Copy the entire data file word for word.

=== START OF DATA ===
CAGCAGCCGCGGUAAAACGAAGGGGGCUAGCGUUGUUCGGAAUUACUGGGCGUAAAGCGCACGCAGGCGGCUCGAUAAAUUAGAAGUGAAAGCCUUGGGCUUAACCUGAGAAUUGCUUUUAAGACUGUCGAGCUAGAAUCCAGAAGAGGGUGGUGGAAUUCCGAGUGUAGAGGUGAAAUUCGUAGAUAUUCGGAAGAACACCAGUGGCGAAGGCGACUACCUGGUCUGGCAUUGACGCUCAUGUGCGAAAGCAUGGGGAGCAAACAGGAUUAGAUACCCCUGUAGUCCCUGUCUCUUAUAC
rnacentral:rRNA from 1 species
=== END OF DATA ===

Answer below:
CAGCAGCCGCGGUAAAACGAAGGGGGCUAGCGUUGUUCGGAAUUACUGGGCGUAAAGCGCACGCAGGCGGCUCGAUAAAUUAGAAGUGAAAGCCUUGGGCUUAACCUGAGAAUUGCUUUUAAGACUGUCGAGCUAGAAUCCAGAAGAGGGUGGUGGAAUUCCGAGUGUAGAGGUGAAAUUCGUAGAUAUUCGGAAGAACACCAGUGGCGAAGGCGACUACCUGGUCUGGCAUUGACGCUCAUGUGCGAAAGCAUGGGGAGCAAACAGGAUUAGAUACCCCUGUAGUCCCUGUCUCUUAUAC
rnacentral:rRNA from 1 species